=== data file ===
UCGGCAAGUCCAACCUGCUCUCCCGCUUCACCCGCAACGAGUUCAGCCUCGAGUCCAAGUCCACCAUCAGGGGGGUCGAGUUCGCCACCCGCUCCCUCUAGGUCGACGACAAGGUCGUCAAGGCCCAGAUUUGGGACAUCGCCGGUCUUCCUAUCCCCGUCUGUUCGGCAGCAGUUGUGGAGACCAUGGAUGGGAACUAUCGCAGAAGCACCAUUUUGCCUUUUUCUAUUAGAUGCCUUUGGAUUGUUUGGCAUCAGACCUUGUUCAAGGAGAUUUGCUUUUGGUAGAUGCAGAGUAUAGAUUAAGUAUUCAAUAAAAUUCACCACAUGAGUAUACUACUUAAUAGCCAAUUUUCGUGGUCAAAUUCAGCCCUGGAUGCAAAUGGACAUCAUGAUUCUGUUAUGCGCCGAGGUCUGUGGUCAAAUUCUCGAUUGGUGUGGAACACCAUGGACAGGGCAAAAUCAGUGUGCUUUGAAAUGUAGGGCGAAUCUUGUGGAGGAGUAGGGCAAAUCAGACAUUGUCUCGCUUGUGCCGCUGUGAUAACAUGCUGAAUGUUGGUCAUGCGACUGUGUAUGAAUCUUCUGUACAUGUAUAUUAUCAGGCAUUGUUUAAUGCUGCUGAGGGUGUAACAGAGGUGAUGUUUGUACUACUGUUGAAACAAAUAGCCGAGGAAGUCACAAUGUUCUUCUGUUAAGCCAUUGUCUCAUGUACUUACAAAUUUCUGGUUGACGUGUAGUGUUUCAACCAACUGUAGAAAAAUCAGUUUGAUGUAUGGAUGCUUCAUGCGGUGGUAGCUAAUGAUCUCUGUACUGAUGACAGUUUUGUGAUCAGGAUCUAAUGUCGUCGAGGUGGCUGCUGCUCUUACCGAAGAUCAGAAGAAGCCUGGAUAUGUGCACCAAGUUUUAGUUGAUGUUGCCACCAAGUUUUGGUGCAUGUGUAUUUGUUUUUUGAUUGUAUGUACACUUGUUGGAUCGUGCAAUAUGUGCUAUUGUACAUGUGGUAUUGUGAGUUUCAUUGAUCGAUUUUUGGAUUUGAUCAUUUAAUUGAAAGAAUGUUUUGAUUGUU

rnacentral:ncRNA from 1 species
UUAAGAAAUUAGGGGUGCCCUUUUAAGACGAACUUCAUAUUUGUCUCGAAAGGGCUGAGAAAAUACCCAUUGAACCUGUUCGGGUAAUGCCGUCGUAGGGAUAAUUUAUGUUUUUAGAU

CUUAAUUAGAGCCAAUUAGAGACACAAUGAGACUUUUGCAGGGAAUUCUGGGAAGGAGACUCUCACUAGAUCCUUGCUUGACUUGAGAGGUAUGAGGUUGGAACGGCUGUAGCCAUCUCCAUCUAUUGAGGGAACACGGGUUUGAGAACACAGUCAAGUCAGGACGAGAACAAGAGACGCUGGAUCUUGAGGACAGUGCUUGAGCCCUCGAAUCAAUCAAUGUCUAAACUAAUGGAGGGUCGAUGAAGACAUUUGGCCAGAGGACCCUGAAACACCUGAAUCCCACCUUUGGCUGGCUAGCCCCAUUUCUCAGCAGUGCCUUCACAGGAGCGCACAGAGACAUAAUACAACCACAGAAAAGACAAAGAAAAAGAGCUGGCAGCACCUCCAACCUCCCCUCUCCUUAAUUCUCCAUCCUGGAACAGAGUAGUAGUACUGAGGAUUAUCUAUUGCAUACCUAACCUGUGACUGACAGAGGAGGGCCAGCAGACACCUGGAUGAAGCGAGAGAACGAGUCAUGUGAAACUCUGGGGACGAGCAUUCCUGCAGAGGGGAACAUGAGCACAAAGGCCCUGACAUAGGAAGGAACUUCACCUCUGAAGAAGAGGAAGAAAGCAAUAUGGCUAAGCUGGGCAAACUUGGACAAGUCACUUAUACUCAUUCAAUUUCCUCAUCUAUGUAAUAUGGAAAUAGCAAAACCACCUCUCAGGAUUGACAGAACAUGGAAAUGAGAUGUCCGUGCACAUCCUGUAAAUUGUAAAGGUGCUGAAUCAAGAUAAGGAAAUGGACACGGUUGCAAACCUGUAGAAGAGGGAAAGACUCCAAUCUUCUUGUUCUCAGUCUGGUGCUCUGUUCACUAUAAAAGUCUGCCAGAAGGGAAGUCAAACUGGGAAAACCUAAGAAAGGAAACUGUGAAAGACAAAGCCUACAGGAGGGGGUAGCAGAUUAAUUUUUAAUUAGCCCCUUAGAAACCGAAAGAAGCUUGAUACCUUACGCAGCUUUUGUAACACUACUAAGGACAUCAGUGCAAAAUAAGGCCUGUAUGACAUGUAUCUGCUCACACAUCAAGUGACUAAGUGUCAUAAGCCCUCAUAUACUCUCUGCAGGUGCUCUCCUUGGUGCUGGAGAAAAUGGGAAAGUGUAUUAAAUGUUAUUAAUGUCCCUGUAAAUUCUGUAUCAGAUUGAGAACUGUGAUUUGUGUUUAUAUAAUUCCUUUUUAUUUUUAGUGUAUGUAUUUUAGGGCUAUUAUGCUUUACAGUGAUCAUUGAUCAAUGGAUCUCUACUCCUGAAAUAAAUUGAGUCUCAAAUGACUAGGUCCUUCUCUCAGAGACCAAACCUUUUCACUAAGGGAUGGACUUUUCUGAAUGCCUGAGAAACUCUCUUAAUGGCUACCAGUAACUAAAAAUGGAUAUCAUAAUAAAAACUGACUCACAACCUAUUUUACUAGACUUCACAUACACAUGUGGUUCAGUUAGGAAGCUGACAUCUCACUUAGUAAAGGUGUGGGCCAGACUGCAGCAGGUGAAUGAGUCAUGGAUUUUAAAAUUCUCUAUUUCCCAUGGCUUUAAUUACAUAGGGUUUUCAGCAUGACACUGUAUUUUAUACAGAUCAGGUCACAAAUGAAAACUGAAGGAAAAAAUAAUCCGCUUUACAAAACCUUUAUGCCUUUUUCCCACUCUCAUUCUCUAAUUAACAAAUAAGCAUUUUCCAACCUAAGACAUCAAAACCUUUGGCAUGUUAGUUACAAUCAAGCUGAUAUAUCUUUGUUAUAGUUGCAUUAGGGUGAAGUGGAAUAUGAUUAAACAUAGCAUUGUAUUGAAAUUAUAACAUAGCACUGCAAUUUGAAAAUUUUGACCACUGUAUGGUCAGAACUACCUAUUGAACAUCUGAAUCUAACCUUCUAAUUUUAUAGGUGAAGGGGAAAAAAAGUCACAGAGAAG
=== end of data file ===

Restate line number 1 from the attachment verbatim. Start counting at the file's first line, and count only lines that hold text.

UCGGCAAGUCCAACCUGCUCUCCCGCUUCACCCGCAACGAGUUCAGCCUCGAGUCCAAGUCCACCAUCAGGGGGGUCGAGUUCGCCACCCGCUCCCUCUAGGUCGACGACAAGGUCGUCAAGGCCCAGAUUUGGGACAUCGCCGGUCUUCCUAUCCCCGUCUGUUCGGCAGCAGUUGUGGAGACCAUGGAUGGGAACUAUCGCAGAAGCACCAUUUUGCCUUUUUCUAUUAGAUGCCUUUGGAUUGUUUGGCAUCAGACCUUGUUCAAGGAGAUUUGCUUUUGGUAGAUGCAGAGUAUAGAUUAAGUAUUCAAUAAAAUUCACCACAUGAGUAUACUACUUAAUAGCCAAUUUUCGUGGUCAAAUUCAGCCCUGGAUGCAAAUGGACAUCAUGAUUCUGUUAUGCGCCGAGGUCUGUGGUCAAAUUCUCGAUUGGUGUGGAACACCAUGGACAGGGCAAAAUCAGUGUGCUUUGAAAUGUAGGGCGAAUCUUGUGGAGGAGUAGGGCAAAUCAGACAUUGUCUCGCUUGUGCCGCUGUGAUAACAUGCUGAAUGUUGGUCAUGCGACUGUGUAUGAAUCUUCUGUACAUGUAUAUUAUCAGGCAUUGUUUAAUGCUGCUGAGGGUGUAACAGAGGUGAUGUUUGUACUACUGUUGAAACAAAUAGCCGAGGAAGUCACAAUGUUCUUCUGUUAAGCCAUUGUCUCAUGUACUUACAAAUUUCUGGUUGACGUGUAGUGUUUCAACCAACUGUAGAAAAAUCAGUUUGAUGUAUGGAUGCUUCAUGCGGUGGUAGCUAAUGAUCUCUGUACUGAUGACAGUUUUGUGAUCAGGAUCUAAUGUCGUCGAGGUGGCUGCUGCUCUUACCGAAGAUCAGAAGAAGCCUGGAUAUGUGCACCAAGUUUUAGUUGAUGUUGCCACCAAGUUUUGGUGCAUGUGUAUUUGUUUUUUGAUUGUAUGUACACUUGUUGGAUCGUGCAAUAUGUGCUAUUGUACAUGUGGUAUUGUGAGUUUCAUUGAUCGAUUUUUGGAUUUGAUCAUUUAAUUGAAAGAAUGUUUUGAUUGUU